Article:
3 http://www.streetpreachersfellowship.com/Doctrine.asp (accessed October 8, 2003).

4 Heather May, "Plaza Deal Done," Salt Lake Tribune, Tuesday, July 29, 2003 A1.

5 The battle over the Main Street Plaza may not be over. The ACLU and the Unitarian Church in Salt Lake City have undertaken another lawsuit challenging the city's sale of the easement to the Church. However, the language of the Tenth Circuit Court's previous decision seems to make it clear that the sale of the easement was an appropriate remedy.

6 "Keeping the Peace," Salt Lake Tribune, Sunday, January 1, 2003, AA1.

7 Brandon Griggs, "Preachers Plan to Test Plaza Rules at Conference," Salt Lake Tribune, Saturday, October 4, 2003.

8 White authored a book about the King James Only controversy and arrived at the conclusion that the King James Bible is not the only bible that Christians should use. Thus, he incurred the ire of the Street Preachers.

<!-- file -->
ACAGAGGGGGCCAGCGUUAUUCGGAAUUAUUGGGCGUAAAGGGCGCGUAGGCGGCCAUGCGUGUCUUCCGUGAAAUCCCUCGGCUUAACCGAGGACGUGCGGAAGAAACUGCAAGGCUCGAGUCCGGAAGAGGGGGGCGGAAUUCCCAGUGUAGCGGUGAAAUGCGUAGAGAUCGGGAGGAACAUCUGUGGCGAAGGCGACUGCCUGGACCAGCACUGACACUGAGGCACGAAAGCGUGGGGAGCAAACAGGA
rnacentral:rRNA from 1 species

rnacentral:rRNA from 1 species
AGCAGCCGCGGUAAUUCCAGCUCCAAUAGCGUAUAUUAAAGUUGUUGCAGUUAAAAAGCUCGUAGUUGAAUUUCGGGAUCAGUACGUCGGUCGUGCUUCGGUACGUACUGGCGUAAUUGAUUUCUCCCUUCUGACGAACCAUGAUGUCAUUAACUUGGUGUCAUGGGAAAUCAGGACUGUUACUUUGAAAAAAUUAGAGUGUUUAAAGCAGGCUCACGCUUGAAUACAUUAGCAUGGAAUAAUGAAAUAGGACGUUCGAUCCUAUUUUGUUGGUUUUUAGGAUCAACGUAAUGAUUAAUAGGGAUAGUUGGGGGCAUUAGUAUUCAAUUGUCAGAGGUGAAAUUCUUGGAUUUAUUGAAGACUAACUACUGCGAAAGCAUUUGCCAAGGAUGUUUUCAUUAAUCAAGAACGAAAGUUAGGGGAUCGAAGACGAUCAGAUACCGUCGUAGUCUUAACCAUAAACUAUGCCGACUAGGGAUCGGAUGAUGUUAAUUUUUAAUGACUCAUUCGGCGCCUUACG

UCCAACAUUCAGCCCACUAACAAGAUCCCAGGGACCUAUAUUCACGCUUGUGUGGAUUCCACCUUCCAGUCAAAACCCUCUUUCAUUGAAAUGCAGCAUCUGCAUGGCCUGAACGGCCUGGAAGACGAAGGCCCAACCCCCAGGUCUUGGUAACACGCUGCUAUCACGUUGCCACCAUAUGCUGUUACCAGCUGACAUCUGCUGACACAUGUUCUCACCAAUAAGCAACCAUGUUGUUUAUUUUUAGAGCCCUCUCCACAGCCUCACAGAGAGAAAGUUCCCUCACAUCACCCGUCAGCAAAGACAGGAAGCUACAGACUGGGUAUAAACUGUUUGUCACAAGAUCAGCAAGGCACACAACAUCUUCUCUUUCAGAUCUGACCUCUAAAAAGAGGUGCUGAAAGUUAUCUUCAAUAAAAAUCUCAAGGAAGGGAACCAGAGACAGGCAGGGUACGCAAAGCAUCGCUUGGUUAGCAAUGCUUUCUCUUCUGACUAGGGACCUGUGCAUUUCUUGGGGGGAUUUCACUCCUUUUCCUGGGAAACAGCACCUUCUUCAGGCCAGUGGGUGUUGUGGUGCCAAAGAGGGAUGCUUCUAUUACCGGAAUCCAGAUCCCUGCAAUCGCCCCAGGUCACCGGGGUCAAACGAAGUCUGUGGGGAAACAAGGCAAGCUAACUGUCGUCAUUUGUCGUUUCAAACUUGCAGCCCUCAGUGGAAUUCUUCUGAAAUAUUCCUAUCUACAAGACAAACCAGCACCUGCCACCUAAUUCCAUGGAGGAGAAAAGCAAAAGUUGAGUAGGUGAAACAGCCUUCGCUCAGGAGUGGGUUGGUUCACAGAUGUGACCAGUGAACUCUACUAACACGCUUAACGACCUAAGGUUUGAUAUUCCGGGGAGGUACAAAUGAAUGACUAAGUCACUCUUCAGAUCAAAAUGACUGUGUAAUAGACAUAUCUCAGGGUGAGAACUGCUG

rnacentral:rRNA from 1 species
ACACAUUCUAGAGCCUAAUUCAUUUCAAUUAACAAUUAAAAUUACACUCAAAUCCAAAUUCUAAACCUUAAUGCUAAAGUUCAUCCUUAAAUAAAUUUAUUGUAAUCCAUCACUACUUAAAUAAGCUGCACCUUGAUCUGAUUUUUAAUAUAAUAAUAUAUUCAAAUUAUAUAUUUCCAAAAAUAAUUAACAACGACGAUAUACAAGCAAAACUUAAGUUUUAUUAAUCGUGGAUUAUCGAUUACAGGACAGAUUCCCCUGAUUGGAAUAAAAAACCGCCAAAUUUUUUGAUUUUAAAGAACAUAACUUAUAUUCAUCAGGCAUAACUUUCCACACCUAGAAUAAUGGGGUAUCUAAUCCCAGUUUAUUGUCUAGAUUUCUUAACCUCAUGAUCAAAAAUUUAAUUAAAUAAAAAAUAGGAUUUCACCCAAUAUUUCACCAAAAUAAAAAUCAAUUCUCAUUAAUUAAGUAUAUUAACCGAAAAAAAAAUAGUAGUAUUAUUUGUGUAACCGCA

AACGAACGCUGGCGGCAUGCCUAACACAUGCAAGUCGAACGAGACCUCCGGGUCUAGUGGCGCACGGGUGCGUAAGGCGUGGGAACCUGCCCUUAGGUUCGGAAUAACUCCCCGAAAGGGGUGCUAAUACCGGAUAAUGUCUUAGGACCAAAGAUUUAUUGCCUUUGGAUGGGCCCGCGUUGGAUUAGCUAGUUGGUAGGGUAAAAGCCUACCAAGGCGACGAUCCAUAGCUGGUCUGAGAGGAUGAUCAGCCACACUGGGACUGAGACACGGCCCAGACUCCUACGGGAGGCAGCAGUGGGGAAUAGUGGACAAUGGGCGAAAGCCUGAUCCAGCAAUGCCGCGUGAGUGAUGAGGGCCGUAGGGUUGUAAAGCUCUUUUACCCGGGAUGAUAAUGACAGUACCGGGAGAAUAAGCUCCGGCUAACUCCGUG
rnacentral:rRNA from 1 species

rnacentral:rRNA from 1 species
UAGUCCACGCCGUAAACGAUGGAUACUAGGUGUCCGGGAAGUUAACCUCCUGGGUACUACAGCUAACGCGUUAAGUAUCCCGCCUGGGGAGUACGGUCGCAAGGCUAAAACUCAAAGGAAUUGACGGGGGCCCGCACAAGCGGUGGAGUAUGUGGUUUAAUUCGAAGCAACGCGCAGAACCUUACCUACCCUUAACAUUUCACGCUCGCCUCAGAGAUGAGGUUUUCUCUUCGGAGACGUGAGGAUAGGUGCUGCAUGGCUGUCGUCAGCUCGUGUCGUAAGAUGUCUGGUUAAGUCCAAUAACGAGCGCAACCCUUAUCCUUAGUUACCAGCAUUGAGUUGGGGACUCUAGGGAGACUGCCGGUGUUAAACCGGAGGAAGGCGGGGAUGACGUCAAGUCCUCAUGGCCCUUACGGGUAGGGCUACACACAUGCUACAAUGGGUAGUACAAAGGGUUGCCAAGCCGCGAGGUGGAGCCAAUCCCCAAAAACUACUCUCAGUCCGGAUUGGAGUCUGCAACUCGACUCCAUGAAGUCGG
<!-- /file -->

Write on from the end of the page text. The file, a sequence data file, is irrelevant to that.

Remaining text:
9 It brings to mind the case of the ninety's rock group Guns 'n' Roses that was known as much for their use of hard drugs and for their hard rock. At one point, the band fired their drum player claiming he was doing too many drugs, to which late night comedian Jay Leno asked ironically, "How bad does your drug habit have to be to get you kicked out of Guns 'n' Roses?"

10 Rhina Guidos, "Two Conference Goers Arrested in Run-in," Salt Lake Tribune, Monday, October 5, 2003.

11 The Street Preacher's activities were considered to be so degrading and outrageous that many of local evangelical ministers were personally disgusted. Two dozen of them held a press conference on the steps of the LDS Conference Center to issue an apology to the LDS members of Salt Lake City and express their heartfelt desire for a higher level of discourse when it comes to theological differences. See Peggy Fletcher Stack, "Salt Lake City Clergy Call for Civility Toward LDS," Salt Lake Tribune, http://www.sltrib.com/2003/Oct/10222003/utah/104229.asp (accessed October 22, 2003).

12 See the review of Abanes' book at www.fairlds.org/apol/onug/.

13 Personal correspondence on file with the author.